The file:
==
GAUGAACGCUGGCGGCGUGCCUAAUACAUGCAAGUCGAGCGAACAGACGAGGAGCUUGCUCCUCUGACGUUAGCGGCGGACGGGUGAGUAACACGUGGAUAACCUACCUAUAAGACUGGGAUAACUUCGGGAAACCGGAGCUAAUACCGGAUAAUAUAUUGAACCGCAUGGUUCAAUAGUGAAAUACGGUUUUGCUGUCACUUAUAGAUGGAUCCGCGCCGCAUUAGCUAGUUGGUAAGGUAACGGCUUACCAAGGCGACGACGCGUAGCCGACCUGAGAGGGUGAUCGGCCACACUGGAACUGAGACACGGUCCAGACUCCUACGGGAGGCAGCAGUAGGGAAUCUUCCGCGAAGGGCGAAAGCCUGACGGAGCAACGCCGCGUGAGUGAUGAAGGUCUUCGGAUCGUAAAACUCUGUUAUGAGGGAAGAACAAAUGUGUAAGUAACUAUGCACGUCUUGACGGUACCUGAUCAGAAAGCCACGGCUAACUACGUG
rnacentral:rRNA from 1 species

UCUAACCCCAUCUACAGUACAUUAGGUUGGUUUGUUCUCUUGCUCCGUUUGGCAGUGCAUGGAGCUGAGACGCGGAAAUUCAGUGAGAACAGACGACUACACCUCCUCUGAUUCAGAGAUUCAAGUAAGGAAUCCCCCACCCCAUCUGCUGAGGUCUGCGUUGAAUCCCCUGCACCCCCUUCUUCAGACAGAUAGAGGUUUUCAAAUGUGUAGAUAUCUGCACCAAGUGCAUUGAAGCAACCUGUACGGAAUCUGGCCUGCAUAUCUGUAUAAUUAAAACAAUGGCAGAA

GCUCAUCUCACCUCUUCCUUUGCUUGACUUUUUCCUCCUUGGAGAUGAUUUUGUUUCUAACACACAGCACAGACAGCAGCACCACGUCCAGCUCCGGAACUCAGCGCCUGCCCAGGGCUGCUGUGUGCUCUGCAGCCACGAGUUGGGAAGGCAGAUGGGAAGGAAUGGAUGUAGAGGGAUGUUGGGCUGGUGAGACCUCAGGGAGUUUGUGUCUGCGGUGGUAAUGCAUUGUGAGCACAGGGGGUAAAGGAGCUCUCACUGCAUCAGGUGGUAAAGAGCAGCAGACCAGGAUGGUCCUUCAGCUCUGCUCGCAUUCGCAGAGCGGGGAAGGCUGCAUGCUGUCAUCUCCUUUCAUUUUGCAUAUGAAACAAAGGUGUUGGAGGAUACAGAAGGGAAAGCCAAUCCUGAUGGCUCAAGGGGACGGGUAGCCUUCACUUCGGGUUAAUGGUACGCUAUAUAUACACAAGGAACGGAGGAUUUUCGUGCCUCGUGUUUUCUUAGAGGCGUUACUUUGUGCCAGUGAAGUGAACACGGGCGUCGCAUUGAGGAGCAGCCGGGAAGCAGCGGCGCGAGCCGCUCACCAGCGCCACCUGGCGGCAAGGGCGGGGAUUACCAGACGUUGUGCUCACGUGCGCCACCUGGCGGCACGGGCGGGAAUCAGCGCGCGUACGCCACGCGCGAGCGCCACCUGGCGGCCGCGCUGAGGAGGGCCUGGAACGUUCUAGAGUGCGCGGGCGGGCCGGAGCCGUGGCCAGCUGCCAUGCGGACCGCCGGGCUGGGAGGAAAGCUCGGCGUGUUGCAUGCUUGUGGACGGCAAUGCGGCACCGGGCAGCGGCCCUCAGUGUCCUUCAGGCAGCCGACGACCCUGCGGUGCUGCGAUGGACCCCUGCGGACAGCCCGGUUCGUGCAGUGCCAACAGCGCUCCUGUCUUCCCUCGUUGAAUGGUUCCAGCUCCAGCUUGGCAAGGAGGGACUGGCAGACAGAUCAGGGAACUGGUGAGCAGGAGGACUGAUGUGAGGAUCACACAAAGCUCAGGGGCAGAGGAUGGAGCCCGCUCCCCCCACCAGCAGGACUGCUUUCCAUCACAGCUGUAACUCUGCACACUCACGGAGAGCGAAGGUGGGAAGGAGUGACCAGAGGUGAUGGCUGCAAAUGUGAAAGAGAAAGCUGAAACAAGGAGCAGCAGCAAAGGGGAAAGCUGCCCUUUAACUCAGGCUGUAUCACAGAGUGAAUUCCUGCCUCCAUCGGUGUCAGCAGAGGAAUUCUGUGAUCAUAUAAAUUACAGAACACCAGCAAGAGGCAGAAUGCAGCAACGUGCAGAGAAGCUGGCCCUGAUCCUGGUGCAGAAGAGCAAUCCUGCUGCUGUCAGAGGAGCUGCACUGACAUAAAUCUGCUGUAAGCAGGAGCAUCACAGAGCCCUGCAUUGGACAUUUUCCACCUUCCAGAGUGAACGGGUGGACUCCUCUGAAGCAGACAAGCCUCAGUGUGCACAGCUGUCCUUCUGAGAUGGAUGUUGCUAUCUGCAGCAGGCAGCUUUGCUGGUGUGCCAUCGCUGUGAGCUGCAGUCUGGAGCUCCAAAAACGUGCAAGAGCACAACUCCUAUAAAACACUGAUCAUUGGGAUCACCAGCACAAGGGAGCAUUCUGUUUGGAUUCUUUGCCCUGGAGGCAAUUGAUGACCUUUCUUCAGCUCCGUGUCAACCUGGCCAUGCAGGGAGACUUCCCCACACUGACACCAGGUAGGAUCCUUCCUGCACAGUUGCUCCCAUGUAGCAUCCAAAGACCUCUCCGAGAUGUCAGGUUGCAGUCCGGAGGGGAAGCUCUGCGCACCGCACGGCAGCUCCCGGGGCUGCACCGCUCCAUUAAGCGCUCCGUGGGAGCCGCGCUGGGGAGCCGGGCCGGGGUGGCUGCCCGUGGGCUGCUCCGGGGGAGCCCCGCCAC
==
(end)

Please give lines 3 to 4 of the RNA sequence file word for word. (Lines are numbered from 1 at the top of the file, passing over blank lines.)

UCUAACCCCAUCUACAGUACAUUAGGUUGGUUUGUUCUCUUGCUCCGUUUGGCAGUGCAUGGAGCUGAGACGCGGAAAUUCAGUGAGAACAGACGACUACACCUCCUCUGAUUCAGAGAUUCAAGUAAGGAAUCCCCCACCCCAUCUGCUGAGGUCUGCGUUGAAUCCCCUGCACCCCCUUCUUCAGACAGAUAGAGGUUUUCAAAUGUGUAGAUAUCUGCACCAAGUGCAUUGAAGCAACCUGUACGGAAUCUGGCCUGCAUAUCUGUAUAAUUAAAACAAUGGCAGAA

GCUCAUCUCACCUCUUCCUUUGCUUGACUUUUUCCUCCUUGGAGAUGAUUUUGUUUCUAACACACAGCACAGACAGCAGCACCACGUCCAGCUCCGGAACUCAGCGCCUGCCCAGGGCUGCUGUGUGCUCUGCAGCCACGAGUUGGGAAGGCAGAUGGGAAGGAAUGGAUGUAGAGGGAUGUUGGGCUGGUGAGACCUCAGGGAGUUUGUGUCUGCGGUGGUAAUGCAUUGUGAGCACAGGGGGUAAAGGAGCUCUCACUGCAUCAGGUGGUAAAGAGCAGCAGACCAGGAUGGUCCUUCAGCUCUGCUCGCAUUCGCAGAGCGGGGAAGGCUGCAUGCUGUCAUCUCCUUUCAUUUUGCAUAUGAAACAAAGGUGUUGGAGGAUACAGAAGGGAAAGCCAAUCCUGAUGGCUCAAGGGGACGGGUAGCCUUCACUUCGGGUUAAUGGUACGCUAUAUAUACACAAGGAACGGAGGAUUUUCGUGCCUCGUGUUUUCUUAGAGGCGUUACUUUGUGCCAGUGAAGUGAACACGGGCGUCGCAUUGAGGAGCAGCCGGGAAGCAGCGGCGCGAGCCGCUCACCAGCGCCACCUGGCGGCAAGGGCGGGGAUUACCAGACGUUGUGCUCACGUGCGCCACCUGGCGGCACGGGCGGGAAUCAGCGCGCGUACGCCACGCGCGAGCGCCACCUGGCGGCCGCGCUGAGGAGGGCCUGGAACGUUCUAGAGUGCGCGGGCGGGCCGGAGCCGUGGCCAGCUGCCAUGCGGACCGCCGGGCUGGGAGGAAAGCUCGGCGUGUUGCAUGCUUGUGGACGGCAAUGCGGCACCGGGCAGCGGCCCUCAGUGUCCUUCAGGCAGCCGACGACCCUGCGGUGCUGCGAUGGACCCCUGCGGACAGCCCGGUUCGUGCAGUGCCAACAGCGCUCCUGUCUUCCCUCGUUGAAUGGUUCCAGCUCCAGCUUGGCAAGGAGGGACUGGCAGACAGAUCAGGGAACUGGUGAGCAGGAGGACUGAUGUGAGGAUCACACAAAGCUCAGGGGCAGAGGAUGGAGCCCGCUCCCCCCACCAGCAGGACUGCUUUCCAUCACAGCUGUAACUCUGCACACUCACGGAGAGCGAAGGUGGGAAGGAGUGACCAGAGGUGAUGGCUGCAAAUGUGAAAGAGAAAGCUGAAACAAGGAGCAGCAGCAAAGGGGAAAGCUGCCCUUUAACUCAGGCUGUAUCACAGAGUGAAUUCCUGCCUCCAUCGGUGUCAGCAGAGGAAUUCUGUGAUCAUAUAAAUUACAGAACACCAGCAAGAGGCAGAAUGCAGCAACGUGCAGAGAAGCUGGCCCUGAUCCUGGUGCAGAAGAGCAAUCCUGCUGCUGUCAGAGGAGCUGCACUGACAUAAAUCUGCUGUAAGCAGGAGCAUCACAGAGCCCUGCAUUGGACAUUUUCCACCUUCCAGAGUGAACGGGUGGACUCCUCUGAAGCAGACAAGCCUCAGUGUGCACAGCUGUCCUUCUGAGAUGGAUGUUGCUAUCUGCAGCAGGCAGCUUUGCUGGUGUGCCAUCGCUGUGAGCUGCAGUCUGGAGCUCCAAAAACGUGCAAGAGCACAACUCCUAUAAAACACUGAUCAUUGGGAUCACCAGCACAAGGGAGCAUUCUGUUUGGAUUCUUUGCCCUGGAGGCAAUUGAUGACCUUUCUUCAGCUCCGUGUCAACCUGGCCAUGCAGGGAGACUUCCCCACACUGACACCAGGUAGGAUCCUUCCUGCACAGUUGCUCCCAUGUAGCAUCCAAAGACCUCUCCGAGAUGUCAGGUUGCAGUCCGGAGGGGAAGCUCUGCGCACCGCACGGCAGCUCCCGGGGCUGCACCGCUCCAUUAAGCGCUCCGUGGGAGCCGCGCUGGGGAGCCGGGCCGGGGUGGCUGCCCGUGGGCUGCUCCGGGGGAGCCCCGCCAC